The sensor and silicone tube are wrapped in copper wire and filled with an iron oxide nanoparticle fluid, which creates an electric current. The copper wire detects the current. When the tube experiences pressure, the nanoparticles move and electric signal changes.
Sound waves also create waves in the fluid, and the signal changes differently than when the tube is bumped.
Magnetic fields were found to alter the signal differently than from pressure or sound waves. The team could distinguish between the signals caused by walking, running, jumping, and swimming.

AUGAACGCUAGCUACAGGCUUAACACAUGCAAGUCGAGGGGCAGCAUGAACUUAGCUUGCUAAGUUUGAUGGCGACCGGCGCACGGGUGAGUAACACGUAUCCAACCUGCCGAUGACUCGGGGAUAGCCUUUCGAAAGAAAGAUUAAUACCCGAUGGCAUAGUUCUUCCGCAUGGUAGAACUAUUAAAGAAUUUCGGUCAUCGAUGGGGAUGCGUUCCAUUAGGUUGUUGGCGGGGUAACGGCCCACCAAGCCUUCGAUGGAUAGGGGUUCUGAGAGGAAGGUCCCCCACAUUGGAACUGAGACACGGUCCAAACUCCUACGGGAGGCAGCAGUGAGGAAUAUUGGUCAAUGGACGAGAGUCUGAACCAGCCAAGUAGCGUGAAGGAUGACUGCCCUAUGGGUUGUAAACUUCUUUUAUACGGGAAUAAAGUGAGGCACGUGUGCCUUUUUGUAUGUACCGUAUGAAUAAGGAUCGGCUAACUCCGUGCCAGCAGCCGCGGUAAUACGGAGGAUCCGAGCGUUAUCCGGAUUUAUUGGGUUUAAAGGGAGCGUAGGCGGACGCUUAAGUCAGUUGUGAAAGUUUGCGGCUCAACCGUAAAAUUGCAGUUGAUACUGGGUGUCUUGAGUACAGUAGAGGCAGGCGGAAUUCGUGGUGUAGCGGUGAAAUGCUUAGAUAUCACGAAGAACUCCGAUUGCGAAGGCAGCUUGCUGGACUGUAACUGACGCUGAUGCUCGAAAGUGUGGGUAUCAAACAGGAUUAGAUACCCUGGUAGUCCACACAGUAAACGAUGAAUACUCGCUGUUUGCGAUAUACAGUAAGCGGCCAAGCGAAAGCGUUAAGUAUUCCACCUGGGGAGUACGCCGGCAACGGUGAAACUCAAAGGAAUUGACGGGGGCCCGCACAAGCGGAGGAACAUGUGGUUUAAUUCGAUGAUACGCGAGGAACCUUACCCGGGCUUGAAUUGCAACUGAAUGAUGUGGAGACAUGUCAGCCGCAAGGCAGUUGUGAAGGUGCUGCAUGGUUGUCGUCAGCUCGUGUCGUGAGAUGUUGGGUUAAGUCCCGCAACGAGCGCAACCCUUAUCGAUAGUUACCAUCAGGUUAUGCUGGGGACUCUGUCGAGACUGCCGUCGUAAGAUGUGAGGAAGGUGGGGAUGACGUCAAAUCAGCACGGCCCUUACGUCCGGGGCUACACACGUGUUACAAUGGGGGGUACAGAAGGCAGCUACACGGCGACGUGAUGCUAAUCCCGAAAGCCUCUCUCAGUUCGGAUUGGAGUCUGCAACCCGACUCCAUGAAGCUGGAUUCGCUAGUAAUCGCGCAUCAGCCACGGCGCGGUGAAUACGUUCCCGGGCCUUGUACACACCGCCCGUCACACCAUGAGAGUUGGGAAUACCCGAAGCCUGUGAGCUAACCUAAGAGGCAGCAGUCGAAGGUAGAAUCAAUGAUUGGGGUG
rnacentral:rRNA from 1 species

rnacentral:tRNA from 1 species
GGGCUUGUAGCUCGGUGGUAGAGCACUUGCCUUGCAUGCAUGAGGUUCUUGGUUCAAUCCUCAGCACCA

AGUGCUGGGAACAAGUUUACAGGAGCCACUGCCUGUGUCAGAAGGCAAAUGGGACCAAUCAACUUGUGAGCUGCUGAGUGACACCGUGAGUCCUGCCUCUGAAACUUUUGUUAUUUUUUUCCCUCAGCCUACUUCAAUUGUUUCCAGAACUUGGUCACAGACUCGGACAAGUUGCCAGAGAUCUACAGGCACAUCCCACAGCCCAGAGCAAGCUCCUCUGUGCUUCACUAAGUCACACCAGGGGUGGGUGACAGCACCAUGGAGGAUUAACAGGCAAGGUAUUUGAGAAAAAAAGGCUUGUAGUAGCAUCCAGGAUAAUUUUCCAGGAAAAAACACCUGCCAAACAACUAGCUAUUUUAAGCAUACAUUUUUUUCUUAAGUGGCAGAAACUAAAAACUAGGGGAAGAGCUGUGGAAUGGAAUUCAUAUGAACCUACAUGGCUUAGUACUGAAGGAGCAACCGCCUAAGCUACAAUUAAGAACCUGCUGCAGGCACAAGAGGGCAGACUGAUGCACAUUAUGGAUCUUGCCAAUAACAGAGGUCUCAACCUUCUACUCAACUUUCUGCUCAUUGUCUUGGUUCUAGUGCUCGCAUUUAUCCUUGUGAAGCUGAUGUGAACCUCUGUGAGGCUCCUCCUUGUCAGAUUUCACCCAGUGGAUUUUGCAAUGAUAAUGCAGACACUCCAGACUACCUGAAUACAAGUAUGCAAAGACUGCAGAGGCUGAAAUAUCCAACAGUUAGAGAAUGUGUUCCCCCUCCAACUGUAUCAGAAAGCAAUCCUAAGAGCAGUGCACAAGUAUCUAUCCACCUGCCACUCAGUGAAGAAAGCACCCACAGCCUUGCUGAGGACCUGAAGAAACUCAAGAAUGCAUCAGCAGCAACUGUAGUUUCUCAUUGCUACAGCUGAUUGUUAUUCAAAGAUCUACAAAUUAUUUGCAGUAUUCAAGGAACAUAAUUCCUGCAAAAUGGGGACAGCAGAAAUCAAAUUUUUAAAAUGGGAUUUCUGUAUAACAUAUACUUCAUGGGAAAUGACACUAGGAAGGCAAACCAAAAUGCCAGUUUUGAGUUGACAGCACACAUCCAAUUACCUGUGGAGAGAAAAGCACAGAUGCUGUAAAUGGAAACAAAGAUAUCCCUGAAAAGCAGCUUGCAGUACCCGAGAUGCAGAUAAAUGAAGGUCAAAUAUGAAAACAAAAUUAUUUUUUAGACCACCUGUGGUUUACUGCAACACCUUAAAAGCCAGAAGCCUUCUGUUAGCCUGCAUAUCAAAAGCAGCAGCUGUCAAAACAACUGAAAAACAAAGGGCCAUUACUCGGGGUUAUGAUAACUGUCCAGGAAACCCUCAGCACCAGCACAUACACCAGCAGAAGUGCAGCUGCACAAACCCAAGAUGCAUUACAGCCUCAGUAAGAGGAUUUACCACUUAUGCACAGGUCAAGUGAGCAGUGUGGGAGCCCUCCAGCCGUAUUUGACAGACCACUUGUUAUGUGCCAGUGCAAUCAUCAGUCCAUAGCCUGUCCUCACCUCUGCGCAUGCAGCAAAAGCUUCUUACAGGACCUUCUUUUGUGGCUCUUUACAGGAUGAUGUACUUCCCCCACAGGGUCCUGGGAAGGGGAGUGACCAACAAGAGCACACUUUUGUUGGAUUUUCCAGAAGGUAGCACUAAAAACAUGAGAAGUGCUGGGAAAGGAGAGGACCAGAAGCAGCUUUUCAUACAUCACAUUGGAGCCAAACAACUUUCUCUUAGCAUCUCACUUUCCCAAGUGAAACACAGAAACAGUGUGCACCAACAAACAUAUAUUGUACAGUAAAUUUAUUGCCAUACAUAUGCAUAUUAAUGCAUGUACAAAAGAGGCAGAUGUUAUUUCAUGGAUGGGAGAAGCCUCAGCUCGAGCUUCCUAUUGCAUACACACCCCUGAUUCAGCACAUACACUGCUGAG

The researcher’s goals are to help burn victims “feel” again, and to provide early warning for workers exposed to high magnetic fields. The waterproof sensor could also serve as a pool-depth monitoring wearable for children.
Join ApplySci at the 10th Wearable Tech + Digital Health + Neurotech Silicon Valley conference on February 21-22 at Stanford University — Featuring: Zhenan Bao – Christof Koch – Vinod Khosla – Walter Greenleaf – Nathan Intrator – John Mattison – David Eagleman – Unity Stoakes – Shahin Farshchi – Emmanuel Mignot – Michael Snyder – Joe Wang – Josh Duyan – Aviad Hai – Anne Andrews – Tan Le – Anima Anandkumar – Pierrick Arnal – Shea Balish – Kareem Ayyad – Mehran Talebinejad – Liam Kaufman – Scott Barclay – Tracy Laabs – George Kouvas